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18 Mar 2015

Millions of patients in developing countries have had their access to a lifesaving drug preserved after the Chinese Government abandoned a controversial bid to have the widely-used anaesthetic ketamine scheduled as a narcotic drug by the United Nations.

In a decision greeted with relief by public health experts around the world, China last week deferred for a year a proposal for the United Nations Commission on Narcotic Drugs to classify ketamine as a controlled drug amid concern about growing abuse of the medicine for recreational purposes.

Chinese authorities have become increasingly alarmed about the illicit use of ketamine, where it often goes by the street names ket, Vitamin K or Special K, and had proposed that it be put in the same schedule 1 category as psychedelics such as LSD, making its supply and use subject to heavy restrictions.

It would have meant that any countries wanting to purchase the drug faced an annual limit on how much they could import, and severe restrictions on who could administer it.

Medical experts including the World Health Organisation and the World Medical Association warned the change would have been a disaster for billions of patients in developing countries, where ketamine is the only viable form of short-term pain relief.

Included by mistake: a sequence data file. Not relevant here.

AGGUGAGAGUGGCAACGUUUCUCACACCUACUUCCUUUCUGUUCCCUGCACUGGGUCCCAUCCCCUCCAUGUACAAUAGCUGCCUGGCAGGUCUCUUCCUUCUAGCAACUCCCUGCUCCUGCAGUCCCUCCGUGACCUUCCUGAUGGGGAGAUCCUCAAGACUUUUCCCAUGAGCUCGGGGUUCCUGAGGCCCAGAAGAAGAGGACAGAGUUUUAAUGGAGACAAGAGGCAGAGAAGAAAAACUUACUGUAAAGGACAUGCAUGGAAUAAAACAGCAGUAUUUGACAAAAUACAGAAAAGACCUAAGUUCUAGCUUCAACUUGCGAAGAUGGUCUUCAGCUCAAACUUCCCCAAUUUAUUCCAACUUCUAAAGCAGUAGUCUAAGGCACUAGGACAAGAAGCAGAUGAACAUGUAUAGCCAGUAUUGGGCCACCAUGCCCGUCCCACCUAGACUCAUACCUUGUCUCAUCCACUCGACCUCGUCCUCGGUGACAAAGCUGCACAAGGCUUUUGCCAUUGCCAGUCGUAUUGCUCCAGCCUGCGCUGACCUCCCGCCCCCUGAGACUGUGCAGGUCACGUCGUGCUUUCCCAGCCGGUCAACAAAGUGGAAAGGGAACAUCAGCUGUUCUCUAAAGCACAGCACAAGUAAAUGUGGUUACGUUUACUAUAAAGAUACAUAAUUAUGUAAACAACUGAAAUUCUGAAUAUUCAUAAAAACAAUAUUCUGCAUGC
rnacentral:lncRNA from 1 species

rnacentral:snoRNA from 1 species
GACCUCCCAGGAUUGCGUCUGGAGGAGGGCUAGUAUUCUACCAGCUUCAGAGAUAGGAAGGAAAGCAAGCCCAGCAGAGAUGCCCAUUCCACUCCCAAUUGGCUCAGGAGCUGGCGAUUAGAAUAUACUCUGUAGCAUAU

Ketamine is one of the most commonly used anaesthetics in the developing world because it is cheap and easy to use. It is injectable, which means it can be administered by doctors and nurses in even basic settings and, because it does not interfere with coughing and gag reflexes, patients do not have to be intubated. It is also valued in cases of traumatic injury and shock because it raises blood pressure.

The WHO had strongly advised the Commission to reject the proposal on public health grounds, arguing that to schedule the drug would have the practical effect of denying its use to millions who undergo lifesaving surgery in developing countries every year, such as caesarean sections.

World Medical Association President Dr Xavier Deau said that although the desire to tackle the recreational abuse of the drug was understandable, scheduling it would make it unavailable and increase the suffering of people “in the most difficult of clinical circumstances”.

“We know from experience with other anaesthetics, especially pain medication, that the scheduling of drugs effectively prevents their use, and that patients in poor areas and in rural settings are then unable to receive treatment with those drugs,” Dr Deau said.

Instead of scheduling ketamine, the WMA said it would be better to tackle the problem of illicit use by tightening controls on the drug’s supply through prescriptions and by the pharmaceutical industry.

Adrian Rollins

 


Published: 18 Mar 2015